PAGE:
The State Department should carefully screen recipients of all future awards it plans to hand out to avoid embarrassments like Samira Ibrahim, New Jersey Rep. Scott Garrett says.
“[This] raises some really fundamental questions of whether these things the State Department does are checked in any degree whatsoever,’’ Garrett told Newsmax TV’s “The Steve Malzberg Show.’’
“Or is it just part of a political agenda that they have?’’
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Ibrahim, an Egyptian activist, was to receive an International Women of Courage award from Secretary of State John Kerry and first lady Michelle Obama.
But the award was postponed after The Weekly Standard revealed her Twitter account contained anti-Semitic and anti-American comments.
In one tweet, the death of five Israelis in a bus explosion is hailed as "good news.’’ In another, Saudi Arabia's royal family is called "dirtier than Jews.’’ Ibrahim claims her account was hacked.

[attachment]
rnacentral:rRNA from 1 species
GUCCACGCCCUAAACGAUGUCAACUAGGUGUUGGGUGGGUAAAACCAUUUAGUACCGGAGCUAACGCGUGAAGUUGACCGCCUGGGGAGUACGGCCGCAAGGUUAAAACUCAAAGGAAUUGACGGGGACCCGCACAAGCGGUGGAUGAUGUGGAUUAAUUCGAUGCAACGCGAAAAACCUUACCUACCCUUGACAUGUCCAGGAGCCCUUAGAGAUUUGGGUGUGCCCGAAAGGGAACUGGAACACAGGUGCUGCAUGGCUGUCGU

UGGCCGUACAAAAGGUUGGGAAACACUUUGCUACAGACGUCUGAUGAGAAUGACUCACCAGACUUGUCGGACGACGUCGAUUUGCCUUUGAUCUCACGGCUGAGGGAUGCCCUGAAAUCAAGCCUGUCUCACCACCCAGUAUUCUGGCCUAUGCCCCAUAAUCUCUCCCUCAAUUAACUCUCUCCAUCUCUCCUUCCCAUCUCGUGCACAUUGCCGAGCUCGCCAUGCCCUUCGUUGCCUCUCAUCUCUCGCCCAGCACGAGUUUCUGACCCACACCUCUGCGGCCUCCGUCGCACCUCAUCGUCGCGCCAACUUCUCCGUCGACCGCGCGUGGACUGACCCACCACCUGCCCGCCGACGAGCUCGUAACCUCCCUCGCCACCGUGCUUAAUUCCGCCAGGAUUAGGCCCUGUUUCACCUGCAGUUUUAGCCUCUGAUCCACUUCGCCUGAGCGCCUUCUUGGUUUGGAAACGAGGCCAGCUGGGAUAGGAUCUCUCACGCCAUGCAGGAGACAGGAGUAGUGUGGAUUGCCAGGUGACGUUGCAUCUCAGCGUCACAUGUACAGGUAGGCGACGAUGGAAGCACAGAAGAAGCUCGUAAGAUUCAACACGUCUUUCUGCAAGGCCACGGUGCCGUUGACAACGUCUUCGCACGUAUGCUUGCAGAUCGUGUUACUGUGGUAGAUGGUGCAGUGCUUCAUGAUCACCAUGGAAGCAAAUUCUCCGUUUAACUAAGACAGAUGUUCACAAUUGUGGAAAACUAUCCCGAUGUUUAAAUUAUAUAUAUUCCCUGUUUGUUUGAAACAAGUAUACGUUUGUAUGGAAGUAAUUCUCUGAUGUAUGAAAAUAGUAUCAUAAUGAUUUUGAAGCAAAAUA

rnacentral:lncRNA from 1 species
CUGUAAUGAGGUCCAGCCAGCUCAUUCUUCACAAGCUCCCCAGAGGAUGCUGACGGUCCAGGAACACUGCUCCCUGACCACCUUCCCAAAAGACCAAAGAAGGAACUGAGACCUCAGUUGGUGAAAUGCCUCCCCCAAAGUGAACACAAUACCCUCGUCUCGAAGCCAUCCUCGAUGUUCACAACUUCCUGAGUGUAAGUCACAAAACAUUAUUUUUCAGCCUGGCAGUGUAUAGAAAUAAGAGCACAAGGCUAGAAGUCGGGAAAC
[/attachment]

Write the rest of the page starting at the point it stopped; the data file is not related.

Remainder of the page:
Garrett, who represents the Garden State’s Fifth District, said he was stunned that no red flags were raised since Ibrahim’s alleged comments were so easily accessible.
“How is it that it’s out in the general domain?’’ he said. “The State Department, currently has a lack of due diligence when they make these decisions as to who are going to receive these awards.’’
Garrett said he has written a letter to the State Department and Michelle Obama expressing his concerns about the gaffe.
“I have a feeling that our State Department has probably turned a blind eye to this type of thing in the past,’’ he said. “It’s probably just part and parcel with their conduct.’’
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